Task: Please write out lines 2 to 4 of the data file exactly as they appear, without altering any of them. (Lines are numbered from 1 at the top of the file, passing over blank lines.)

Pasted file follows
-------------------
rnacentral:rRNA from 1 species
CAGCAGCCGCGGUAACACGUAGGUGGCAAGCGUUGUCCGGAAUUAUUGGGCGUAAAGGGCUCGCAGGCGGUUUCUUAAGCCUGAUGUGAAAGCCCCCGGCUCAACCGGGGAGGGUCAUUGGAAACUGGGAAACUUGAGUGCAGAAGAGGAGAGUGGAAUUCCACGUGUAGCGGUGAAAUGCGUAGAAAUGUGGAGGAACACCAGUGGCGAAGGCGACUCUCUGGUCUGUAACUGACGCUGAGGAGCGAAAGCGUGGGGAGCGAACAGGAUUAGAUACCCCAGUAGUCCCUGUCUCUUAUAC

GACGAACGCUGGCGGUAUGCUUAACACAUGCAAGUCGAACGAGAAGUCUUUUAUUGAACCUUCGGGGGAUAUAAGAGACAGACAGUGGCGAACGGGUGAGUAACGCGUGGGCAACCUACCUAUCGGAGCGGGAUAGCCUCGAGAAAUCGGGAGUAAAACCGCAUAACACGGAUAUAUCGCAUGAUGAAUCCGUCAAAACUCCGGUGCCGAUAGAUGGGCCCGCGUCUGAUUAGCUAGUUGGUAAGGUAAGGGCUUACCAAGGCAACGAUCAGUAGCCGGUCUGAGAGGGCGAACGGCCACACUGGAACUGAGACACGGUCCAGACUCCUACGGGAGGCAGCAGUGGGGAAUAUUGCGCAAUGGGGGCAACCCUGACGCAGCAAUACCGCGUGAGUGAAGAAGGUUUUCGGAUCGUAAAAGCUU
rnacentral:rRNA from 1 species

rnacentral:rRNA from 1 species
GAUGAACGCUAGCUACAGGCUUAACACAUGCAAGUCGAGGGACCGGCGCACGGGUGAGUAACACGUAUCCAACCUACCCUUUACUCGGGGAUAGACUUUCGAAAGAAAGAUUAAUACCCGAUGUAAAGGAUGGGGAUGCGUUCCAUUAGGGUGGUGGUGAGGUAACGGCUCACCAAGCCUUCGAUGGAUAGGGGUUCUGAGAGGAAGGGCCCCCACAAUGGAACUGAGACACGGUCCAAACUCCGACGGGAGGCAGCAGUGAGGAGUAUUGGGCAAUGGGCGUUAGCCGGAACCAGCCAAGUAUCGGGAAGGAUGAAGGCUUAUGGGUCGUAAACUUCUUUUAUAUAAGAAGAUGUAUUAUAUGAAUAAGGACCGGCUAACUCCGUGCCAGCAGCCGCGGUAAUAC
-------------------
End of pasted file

CAGCAGCCGCGGUAACACGUAGGUGGCAAGCGUUGUCCGGAAUUAUUGGGCGUAAAGGGCUCGCAGGCGGUUUCUUAAGCCUGAUGUGAAAGCCCCCGGCUCAACCGGGGAGGGUCAUUGGAAACUGGGAAACUUGAGUGCAGAAGAGGAGAGUGGAAUUCCACGUGUAGCGGUGAAAUGCGUAGAAAUGUGGAGGAACACCAGUGGCGAAGGCGACUCUCUGGUCUGUAACUGACGCUGAGGAGCGAAAGCGUGGGGAGCGAACAGGAUUAGAUACCCCAGUAGUCCCUGUCUCUUAUAC

GACGAACGCUGGCGGUAUGCUUAACACAUGCAAGUCGAACGAGAAGUCUUUUAUUGAACCUUCGGGGGAUAUAAGAGACAGACAGUGGCGAACGGGUGAGUAACGCGUGGGCAACCUACCUAUCGGAGCGGGAUAGCCUCGAGAAAUCGGGAGUAAAACCGCAUAACACGGAUAUAUCGCAUGAUGAAUCCGUCAAAACUCCGGUGCCGAUAGAUGGGCCCGCGUCUGAUUAGCUAGUUGGUAAGGUAAGGGCUUACCAAGGCAACGAUCAGUAGCCGGUCUGAGAGGGCGAACGGCCACACUGGAACUGAGACACGGUCCAGACUCCUACGGGAGGCAGCAGUGGGGAAUAUUGCGCAAUGGGGGCAACCCUGACGCAGCAAUACCGCGUGAGUGAAGAAGGUUUUCGGAUCGUAAAAGCUU
rnacentral:rRNA from 1 species